If you had to pick one, would you rather be a historically significant or commercially successful artist? Why?

ES: I would rather be historically significant. Although commercial gigs are fun financially—and also have the capacity to do larger scale projects often—there is something about being historically significant that means that you, as an artist, have touched on a nerve or broken a ceiling, or created something magical and new that is a contribution to the human race that will not be forgotten. I would love for my art to have such an impact—to touch on heartstrings and resonate deeply with individuals and society as a whole.

What’s your relationship with money?

ES: I believe that money will flow if I'm working hard enough and creating what I'm supposed to be creating.

Have you ever turned down an opportunity? Why?

ES: Yes. If a proposed project does not align with my values or "brand," then I will turn it down. For example, I try to live as environmentally friendly as I can, so I would not collaborate with a single-use plastic water bottle company. This also applies to my ideas on feminism, empowerment, etc. If a company does not align well with my art and beliefs, then I will not work with them.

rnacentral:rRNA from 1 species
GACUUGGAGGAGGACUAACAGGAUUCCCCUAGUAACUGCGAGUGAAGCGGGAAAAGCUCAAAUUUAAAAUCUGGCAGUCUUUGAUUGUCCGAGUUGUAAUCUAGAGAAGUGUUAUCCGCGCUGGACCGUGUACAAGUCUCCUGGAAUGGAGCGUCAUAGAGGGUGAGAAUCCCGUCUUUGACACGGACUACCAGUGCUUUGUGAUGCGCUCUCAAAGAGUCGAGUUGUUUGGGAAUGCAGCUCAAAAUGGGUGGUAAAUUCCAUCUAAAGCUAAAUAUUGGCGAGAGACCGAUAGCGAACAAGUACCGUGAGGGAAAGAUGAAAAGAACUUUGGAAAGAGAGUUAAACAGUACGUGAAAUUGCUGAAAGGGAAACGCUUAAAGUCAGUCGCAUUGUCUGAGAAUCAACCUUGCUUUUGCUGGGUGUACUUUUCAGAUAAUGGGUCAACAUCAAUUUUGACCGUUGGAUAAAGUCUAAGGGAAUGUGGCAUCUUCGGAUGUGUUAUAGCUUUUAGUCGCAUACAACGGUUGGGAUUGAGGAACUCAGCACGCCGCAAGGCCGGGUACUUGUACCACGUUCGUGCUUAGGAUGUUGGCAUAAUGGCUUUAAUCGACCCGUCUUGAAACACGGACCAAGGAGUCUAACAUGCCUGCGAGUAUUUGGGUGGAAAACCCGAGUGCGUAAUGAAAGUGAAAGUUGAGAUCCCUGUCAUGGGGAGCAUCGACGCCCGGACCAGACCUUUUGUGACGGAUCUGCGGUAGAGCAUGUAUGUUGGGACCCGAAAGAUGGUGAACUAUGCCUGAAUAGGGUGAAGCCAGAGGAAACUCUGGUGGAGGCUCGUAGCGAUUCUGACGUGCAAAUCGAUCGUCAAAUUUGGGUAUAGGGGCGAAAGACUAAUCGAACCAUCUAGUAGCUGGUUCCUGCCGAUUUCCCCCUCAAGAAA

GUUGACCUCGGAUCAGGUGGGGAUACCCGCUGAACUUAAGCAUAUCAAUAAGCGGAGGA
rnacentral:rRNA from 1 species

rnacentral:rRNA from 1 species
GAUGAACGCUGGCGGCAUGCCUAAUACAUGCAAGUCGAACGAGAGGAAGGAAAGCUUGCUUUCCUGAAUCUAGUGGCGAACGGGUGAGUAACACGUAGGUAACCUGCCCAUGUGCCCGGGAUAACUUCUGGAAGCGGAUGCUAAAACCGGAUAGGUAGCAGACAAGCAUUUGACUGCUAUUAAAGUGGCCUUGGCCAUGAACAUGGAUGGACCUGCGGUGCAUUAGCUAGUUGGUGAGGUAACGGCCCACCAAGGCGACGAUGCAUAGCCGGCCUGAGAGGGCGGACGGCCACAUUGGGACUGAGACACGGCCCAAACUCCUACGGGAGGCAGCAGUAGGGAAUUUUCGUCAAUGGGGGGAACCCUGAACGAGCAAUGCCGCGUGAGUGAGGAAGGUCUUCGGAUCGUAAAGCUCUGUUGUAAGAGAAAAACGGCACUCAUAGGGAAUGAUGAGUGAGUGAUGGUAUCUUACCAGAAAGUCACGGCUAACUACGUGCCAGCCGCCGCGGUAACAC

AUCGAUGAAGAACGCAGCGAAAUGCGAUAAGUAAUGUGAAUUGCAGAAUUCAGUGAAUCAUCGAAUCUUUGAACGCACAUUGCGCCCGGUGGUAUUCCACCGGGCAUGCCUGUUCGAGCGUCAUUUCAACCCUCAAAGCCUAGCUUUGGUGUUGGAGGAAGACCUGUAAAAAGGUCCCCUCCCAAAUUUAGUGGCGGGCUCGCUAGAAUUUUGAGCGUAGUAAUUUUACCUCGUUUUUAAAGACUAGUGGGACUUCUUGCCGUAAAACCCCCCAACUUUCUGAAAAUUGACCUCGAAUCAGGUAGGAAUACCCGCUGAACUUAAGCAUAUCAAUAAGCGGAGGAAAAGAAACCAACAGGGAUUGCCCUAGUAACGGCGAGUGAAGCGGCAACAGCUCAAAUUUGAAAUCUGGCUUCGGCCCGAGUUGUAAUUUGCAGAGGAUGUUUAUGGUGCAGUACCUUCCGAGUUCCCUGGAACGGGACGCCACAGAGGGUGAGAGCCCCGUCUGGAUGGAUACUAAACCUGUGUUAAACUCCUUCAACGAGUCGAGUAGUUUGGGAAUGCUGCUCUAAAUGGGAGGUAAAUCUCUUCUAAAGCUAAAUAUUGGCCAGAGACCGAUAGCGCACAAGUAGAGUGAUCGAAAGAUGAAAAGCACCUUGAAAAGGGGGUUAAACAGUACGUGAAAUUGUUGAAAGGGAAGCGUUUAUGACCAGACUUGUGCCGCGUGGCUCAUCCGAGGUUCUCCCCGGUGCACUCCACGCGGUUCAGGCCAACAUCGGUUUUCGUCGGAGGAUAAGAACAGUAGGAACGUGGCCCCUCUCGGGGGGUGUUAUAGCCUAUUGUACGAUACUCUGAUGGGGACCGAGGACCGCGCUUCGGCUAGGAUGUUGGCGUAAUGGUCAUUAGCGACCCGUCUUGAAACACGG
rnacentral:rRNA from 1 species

‘Edel Diamond’
‘Corpse Reviver’

What are you working on that you’re excited about right now?

ES: I'm working on designing some sculptures. I've been wanting to create sculptures for many years, and I feel as though I'm finally in a place to start creating them. I am super excited for this!

How does your geographical location affect your work and/or success?

ES: I am lucky that I am able to travel all over the world in order to paint. I get invited out to amazing places that I would not otherwise have been. I was invited to paint in Penang Malaysia, for example, and it was the most extraordinary place with the most generous people I have ever met.

Please share with us a real-life art-world horror story.

ES: I was once putting street art up in the middle of the night, on my bike, in Miami, by myself. A man approached me in his car and told me that he wanted to chop off my feet. I jumped on my bike and rode as fast as I could to an open bodega and ran inside. I'm happy to say that I still have both feet intact.

ELLE Streetart

Elle Streetart: Website | Instagram | Facebook | Twitter | Purchase Prints and Merch

This interview has been edited for length and clarity. All photos published with permission of the artist.

Want to be featured in Q+Art? Email editor@notrealart.com with a short introduction and a link to your online portfolio or three images of your work.

Morgan  Laurens 

Morgan Laurens (she/her/hers) is NOT REAL ART’s editor in chief. Morgan is an arts writer from the Midwest who enjoys saying “excuse me” when no actual pardon is needed. She specializes in grant writing and narrative-based storytelling for mission-driven artists and arts organizations. With a background in printmaking, pop culture, and classic literature, Morgan believes a girl’s best friend is the pile of books on her bedside table.